Tuesday, 10 November 2015

Canadian Singles Feature - SINGLES MANIA!

D.O.A. Prisoner/Thirteen (1978)
D.O.A. is the much revered (and rightfully so) rotating puzzle of a band that has gone on to influence anyone from muscly American hardcore fanatics to scrawny Saskatchewan punk kids like me. This single cements the band's reliably sludgy, always smartly structured political punk anthems.

"The Prisoner" protrudes the subconscious with its sawing guitar, and out of breath vocals - continually permeated by gnarly backing vocals from the incomparable Mr. Joey "Shithead" Keithley (the only fixed feature in the D.O.A. dining set). The drum beats are in my mind 'lively,' the resuscitation breaths to the (anti)-artfully provided vocals. The song ends with the question: "is everybody around here really a bunch of wimps?" A question we can all ponder, as we measure our bravery against the fearless career and discography Keithley and co. have set forth into the world.
"Thirteen" is a track that shows evidence of John Lydon/Rotten's impact on Canadian punks during the '70s. It features a bouncy, repetitive guitar riff (one that would fit nicely under a 'hardcore' umbrella - a genre which D.O.A. helped to define). It is a song devoid of excess, strictly pacing along drums and stinging lyrics ("I'm one big zero"). It is a minimalist masterpiece with romantic lyrics that devolve into those of self-loathing. An emotional stain on the minds of disillusioned, and burgeoning punk youth.

Red Tide and D.O.A. Ken Jensen Memorial Single (1966-1995)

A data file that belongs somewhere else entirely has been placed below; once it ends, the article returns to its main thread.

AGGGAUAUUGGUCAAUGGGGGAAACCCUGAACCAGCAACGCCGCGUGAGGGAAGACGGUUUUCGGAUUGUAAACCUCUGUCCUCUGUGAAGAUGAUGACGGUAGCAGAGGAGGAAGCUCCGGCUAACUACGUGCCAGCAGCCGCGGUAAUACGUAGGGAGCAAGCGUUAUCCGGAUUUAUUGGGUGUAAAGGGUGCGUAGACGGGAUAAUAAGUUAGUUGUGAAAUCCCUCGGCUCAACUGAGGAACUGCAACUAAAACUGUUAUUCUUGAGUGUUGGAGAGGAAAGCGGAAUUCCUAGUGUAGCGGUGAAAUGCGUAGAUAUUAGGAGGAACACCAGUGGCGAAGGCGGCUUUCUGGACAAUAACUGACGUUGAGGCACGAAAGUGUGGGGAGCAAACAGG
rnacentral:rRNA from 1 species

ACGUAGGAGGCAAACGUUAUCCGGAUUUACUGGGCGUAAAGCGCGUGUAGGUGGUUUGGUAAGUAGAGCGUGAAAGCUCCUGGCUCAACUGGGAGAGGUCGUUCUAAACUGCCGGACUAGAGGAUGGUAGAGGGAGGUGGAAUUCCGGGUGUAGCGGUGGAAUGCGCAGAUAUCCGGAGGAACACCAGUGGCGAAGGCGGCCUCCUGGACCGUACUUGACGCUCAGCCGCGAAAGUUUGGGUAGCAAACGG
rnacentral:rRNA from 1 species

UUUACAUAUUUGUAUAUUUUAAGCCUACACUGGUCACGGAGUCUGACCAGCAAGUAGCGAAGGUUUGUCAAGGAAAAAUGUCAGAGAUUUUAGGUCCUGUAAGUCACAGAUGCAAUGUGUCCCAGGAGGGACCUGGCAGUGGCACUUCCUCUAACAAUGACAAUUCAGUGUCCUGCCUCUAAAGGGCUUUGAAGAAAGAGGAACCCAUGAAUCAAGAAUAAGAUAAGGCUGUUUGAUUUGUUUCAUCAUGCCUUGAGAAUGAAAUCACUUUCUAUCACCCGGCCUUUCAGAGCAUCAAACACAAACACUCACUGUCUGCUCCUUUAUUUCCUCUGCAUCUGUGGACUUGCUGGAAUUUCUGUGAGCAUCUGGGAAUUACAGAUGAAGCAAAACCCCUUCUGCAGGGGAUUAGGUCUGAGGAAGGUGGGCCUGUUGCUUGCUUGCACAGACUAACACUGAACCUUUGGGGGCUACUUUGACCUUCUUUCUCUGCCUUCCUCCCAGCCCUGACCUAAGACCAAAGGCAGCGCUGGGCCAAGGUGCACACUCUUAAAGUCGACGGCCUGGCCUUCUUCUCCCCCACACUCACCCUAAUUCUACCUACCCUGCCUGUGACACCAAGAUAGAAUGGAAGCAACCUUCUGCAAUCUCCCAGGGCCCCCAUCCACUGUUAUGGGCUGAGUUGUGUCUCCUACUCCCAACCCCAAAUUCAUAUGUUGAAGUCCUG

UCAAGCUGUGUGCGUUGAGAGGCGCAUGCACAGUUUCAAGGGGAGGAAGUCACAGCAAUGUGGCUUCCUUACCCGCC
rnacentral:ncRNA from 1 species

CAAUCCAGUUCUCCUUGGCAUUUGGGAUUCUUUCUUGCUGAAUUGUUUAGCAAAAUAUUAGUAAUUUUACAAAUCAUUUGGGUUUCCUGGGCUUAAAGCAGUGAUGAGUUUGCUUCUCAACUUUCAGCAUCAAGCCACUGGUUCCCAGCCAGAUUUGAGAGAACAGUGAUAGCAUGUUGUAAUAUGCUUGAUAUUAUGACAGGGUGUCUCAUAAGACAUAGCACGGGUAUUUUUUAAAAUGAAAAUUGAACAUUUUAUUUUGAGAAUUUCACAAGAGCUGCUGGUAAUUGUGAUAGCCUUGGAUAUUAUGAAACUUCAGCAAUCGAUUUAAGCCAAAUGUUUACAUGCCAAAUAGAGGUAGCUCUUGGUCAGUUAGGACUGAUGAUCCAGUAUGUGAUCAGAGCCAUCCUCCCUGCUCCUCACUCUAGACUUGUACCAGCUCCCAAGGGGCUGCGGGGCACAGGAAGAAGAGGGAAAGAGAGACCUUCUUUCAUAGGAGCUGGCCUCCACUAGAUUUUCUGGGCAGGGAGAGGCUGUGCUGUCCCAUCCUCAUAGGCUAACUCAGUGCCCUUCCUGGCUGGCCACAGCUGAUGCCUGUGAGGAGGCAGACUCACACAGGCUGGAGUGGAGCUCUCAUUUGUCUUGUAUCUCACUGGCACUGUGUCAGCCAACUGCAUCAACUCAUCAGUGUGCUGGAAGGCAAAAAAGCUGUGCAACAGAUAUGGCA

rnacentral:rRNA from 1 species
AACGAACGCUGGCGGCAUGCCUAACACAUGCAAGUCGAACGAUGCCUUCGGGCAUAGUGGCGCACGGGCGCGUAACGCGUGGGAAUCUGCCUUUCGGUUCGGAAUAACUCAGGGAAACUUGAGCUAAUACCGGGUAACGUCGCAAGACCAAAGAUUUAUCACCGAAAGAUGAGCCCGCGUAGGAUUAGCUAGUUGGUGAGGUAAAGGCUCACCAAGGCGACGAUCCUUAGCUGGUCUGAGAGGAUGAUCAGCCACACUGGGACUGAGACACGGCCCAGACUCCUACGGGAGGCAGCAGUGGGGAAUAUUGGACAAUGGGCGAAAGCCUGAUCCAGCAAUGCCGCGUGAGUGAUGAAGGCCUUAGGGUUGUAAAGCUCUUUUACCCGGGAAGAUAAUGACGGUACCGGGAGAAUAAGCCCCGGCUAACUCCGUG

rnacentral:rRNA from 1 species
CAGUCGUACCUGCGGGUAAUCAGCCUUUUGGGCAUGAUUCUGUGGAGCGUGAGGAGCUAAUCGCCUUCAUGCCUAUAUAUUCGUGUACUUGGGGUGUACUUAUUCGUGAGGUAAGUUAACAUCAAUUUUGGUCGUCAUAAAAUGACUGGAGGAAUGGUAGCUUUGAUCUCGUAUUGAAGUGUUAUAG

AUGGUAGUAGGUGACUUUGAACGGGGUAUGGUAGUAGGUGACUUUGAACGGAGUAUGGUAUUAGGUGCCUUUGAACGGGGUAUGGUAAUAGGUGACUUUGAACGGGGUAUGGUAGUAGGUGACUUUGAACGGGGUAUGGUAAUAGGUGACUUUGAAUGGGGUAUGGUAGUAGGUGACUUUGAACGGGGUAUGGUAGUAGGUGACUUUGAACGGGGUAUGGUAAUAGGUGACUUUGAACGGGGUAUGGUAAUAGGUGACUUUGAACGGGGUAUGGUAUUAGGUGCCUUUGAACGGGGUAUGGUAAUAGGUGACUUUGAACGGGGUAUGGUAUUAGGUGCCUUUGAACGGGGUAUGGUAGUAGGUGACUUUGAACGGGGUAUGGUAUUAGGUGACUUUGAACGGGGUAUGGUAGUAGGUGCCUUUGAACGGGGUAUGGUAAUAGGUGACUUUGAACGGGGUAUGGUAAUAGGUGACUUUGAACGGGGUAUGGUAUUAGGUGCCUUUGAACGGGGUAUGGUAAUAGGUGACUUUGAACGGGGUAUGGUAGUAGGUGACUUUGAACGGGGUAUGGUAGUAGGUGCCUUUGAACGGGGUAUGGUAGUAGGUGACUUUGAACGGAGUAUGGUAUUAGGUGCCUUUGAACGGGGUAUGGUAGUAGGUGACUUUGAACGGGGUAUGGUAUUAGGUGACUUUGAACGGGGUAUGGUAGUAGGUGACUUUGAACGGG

This compilation is a look back at the life of Ken Jensen (a roadie turned punk drummer) involved in the Vancouver punk scene - mingling with the likes of D.O.A., The Hanson Brothers, and Loosenut (a Black Flag cover band). The album's booklet mentions Jensen's tragic death in a house fire, and that without his loss, this record would not have been made. It is a beautiful retrospective that looks at Jensen's best moments, and allows us to hear some of his most memorable songs. Jensen is best described by Craig Sean Bougie in the write-up as a man who "...just sat back and drank beer, smoked, and fell in love on a nightly basis, just like the rest of us."

"R.E.D." is a haunting song, featuring rewinding riffs. It features non-descript riffs that evolve into soulful solos where Ken's stomach screams become pronounced and ever-lasting. The violently loud, and pronounced drum beats help to emphasize the punk vibes beneath the seemingly "power rock" guitar make-up.
"Masks" is a magnetic song that leaves hypnotic vocals to linger in our cochleas. The vocals, and lyrics contrast the swinging symmetric music that pulsates behind. Drum rolls help to emphasize the idea of starting/restarting that the sound plays around with. The song belongs in a hardcore anthology, as an honorable mention as a venture away from formulaic convention. The song has an energetic pulse that drops you as quickly as it picks you up. Leaving you to think in silence about the controlled chaos that has just seeped into your jealous ears.
"Knots" is a sinister song about feeling like a beast. Ken sings lead vocals, allowing his inner demons to show as he sings about feeling like a monster who needs restraining ("tie me down"). The screams in the background perfectly punctuate the frantic beats, and power chords utilized skillfully. The song has memorable verses that wind carefully to the climactic conclusion: a cymbal settle-down, as the guitar quiets - ultimately resolving in the resolution "Masks" promised but never provided.
"Overtime" is the quintessentially Canadian hockey tune - although it features some ska vibes. It has a jaunty optimism stirred both musically and with Ken's lead vocals. The song is very reminiscent of the Hanson Brother's tunes about hockey. The song is thematic, joyous, and wreckless: a great ending to the this telling of Jensen's story.